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ASU's MBA, education graduate programs jump in US News rankings.
W. P. Carey, Thunderbird programs rank among top five in their fields.
Mary Lou Fulton Teachers College ranked 11th out of 256 schools
ASU's full-time MBA program ranked 25th out of 129 schools
March 14, 2017

U.S. News & World Report rankings show business programs in top five, significant jump for Mary Lou Fulton Teachers College

Two of the largest graduate schools at Arizona State University jumped significantly in the latest rankings from U.S. News & World Report, with two business programs ranked among the best in the country.

The Mary Lou Fulton Teachers College ranked No. 11 out of 256 schools evaluated by U.S. News, climbing three spots from last year. The college's graduate program moved up 24 spots since 2012 in the news magazine’s "Best Graduate Schools" annual survey for 2018. ASU's Teachers College was tied with the education school at the University of Texas at Austin and was ahead of those at New York University, Ohio State University and the University of California at Berkeley.

The supply-chain management program in the W. P. Carey School of Business was ranked thirdMichigan State University and the Massachusetts Institute of Technology were ranked first and second in supply-chain management. in the country, ahead of Stanford University, while the full-time MBA program ranked 25th out of the 129 schools U.S. News evaluated, improving 10 spots.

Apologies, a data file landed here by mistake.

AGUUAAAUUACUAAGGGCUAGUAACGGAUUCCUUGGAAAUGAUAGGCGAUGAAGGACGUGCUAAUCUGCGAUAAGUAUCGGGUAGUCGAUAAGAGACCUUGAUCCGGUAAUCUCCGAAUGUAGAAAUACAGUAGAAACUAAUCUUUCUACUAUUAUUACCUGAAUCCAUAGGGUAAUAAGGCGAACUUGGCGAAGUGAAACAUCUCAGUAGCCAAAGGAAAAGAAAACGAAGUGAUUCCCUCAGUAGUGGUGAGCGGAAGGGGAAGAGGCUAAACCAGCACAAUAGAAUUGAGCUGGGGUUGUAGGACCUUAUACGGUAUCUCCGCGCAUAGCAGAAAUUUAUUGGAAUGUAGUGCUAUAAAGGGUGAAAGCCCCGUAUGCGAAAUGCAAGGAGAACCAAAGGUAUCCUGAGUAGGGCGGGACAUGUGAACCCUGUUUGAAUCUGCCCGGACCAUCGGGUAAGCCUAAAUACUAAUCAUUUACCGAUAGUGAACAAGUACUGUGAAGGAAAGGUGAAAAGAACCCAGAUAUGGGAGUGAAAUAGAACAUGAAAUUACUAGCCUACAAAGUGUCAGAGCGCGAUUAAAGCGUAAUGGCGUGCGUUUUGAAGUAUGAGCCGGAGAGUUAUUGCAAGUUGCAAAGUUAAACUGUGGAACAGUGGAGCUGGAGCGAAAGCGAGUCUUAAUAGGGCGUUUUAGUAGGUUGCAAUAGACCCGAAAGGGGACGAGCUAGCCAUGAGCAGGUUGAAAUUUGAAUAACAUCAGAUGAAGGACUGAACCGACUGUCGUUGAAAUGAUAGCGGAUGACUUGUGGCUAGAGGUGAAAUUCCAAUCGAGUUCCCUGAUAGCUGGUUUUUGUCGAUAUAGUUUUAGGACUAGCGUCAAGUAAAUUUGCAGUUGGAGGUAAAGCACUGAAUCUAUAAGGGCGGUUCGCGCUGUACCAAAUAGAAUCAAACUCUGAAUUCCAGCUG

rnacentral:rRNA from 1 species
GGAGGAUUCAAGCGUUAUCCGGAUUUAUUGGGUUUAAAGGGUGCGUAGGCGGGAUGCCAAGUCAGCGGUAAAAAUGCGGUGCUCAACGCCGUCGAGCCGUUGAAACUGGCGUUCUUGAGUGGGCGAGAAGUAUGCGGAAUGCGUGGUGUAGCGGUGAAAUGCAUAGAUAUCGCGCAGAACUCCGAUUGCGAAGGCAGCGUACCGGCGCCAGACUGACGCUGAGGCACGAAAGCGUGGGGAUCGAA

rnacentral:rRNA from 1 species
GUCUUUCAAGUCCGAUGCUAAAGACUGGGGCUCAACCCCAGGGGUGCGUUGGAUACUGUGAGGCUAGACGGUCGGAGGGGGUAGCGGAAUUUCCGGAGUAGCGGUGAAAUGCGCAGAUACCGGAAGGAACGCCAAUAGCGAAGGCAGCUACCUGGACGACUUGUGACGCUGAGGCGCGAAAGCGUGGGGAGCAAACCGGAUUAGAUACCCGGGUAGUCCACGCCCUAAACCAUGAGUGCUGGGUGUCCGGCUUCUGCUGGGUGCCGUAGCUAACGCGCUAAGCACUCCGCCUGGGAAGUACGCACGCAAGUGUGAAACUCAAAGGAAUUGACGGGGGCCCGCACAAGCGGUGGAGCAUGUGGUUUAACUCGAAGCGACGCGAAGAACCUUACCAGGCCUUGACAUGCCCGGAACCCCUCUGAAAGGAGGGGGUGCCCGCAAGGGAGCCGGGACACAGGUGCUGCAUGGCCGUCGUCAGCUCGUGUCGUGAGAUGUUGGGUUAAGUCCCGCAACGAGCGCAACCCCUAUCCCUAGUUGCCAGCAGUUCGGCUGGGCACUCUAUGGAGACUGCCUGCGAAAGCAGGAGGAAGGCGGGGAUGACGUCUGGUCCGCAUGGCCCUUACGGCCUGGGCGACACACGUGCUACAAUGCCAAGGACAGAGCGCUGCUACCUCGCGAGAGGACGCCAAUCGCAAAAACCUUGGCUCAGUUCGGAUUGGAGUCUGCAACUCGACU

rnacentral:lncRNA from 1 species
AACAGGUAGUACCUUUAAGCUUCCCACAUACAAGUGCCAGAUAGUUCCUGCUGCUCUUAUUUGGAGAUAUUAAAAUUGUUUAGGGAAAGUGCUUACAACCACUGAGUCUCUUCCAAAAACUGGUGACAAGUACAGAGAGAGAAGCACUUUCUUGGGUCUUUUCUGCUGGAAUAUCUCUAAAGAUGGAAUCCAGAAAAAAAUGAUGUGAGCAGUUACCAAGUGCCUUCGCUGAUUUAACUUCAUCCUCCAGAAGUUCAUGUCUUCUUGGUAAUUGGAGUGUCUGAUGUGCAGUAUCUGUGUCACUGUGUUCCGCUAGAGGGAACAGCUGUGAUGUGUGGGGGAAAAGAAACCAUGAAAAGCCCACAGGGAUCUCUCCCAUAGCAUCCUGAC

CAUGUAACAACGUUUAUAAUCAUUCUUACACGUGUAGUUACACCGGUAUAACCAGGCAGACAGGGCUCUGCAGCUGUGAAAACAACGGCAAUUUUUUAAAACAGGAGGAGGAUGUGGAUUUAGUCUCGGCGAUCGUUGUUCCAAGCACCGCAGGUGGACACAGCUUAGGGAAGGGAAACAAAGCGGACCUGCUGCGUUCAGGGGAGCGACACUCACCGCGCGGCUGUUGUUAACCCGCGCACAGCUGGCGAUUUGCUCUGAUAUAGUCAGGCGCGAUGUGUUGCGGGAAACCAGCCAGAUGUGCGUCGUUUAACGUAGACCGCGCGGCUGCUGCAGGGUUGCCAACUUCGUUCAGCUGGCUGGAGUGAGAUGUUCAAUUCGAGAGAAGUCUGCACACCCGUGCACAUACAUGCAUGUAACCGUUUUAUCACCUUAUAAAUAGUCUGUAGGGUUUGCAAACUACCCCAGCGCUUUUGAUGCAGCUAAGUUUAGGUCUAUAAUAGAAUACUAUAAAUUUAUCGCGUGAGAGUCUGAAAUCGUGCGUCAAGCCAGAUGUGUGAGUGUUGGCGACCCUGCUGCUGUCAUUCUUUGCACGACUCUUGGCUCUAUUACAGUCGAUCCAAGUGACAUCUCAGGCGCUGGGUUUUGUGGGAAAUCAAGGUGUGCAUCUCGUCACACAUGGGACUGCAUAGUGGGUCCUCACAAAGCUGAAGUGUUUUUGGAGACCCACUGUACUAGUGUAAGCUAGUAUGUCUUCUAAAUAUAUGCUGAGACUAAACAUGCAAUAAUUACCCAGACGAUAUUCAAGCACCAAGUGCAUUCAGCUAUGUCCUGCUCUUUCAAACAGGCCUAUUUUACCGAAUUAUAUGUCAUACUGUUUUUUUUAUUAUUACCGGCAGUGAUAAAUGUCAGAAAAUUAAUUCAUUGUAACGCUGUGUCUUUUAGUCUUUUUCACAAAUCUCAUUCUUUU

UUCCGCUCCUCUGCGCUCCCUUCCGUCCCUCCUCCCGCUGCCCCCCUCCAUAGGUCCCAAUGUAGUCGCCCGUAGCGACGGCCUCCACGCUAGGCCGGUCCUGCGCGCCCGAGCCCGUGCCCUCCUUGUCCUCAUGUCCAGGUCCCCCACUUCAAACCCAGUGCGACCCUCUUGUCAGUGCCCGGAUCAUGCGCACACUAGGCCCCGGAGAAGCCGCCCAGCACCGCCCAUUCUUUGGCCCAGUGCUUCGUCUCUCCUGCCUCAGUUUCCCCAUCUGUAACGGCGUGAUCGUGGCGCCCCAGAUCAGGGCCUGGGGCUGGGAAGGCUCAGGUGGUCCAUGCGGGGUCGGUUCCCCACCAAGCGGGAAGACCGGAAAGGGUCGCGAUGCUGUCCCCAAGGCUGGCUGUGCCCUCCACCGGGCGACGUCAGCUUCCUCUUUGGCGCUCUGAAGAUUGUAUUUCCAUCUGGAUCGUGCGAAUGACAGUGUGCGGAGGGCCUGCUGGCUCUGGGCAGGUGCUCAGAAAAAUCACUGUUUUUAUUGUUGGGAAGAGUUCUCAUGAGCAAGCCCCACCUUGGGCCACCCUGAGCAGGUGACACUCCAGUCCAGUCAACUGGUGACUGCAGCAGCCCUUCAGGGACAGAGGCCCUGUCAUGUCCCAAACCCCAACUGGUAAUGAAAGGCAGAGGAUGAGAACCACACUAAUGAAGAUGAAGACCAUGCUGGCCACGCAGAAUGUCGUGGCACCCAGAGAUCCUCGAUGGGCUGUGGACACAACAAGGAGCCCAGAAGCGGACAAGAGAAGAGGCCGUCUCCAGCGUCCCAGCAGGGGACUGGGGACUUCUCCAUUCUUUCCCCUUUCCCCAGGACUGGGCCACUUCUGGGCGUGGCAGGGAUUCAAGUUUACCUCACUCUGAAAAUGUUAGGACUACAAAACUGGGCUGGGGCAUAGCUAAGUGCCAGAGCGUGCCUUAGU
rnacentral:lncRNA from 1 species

The Thunderbird School of Global Management at ASU was ranked fourth in the country among internationalThe top seven were the University of South Carolina, Harvard University, the University of Pennsylvania, Thunderbird, Stanford, Berkeley and the University of Michigan. Columbia, Georgetown and New York University tied for eighth place, followed by the University of Southern California. programs, higher than Stanford, Columbia and Georgetown.

The Sandra Day O’Connor College of Law at ASU, meanwhile, retained its ranking of 25th place from last year. That's out of 197 law schools ranked by U.S. News. It is the 8th highest ranked law school at a public university, ahead of the law schools at the University of North Carolina at Chapel Hill and Ohio State University.

The widely touted set of annual rankings was released Tuesday by the news magazine, which compared hundreds of graduate programs on a variety of metrics.

Carole Basile, dean of the Mary Lou Fulton Teachers College, said that rankings are only one indicator of quality and progress.

“But our trend line makes a strong case that our college has done outstanding work for a considerable period of time. A trend line like that is signal, not noise. It’s worth recognizing and celebrating,” she said.

Melissa Woodward, a graduate student in the Mary Lou Fulton Teachers College, said she chose the higher and postsecondary education program because she knew she wanted an immersive experience and saw the rankings improving every year.

“It’s been a great fit for me, and the faculty associates who teach the courses work in all different areas of the university, so I’ve really seen how higher education functions,” said Woodward, who also is the communications director for ASU’s Graduate and Professional Student Association.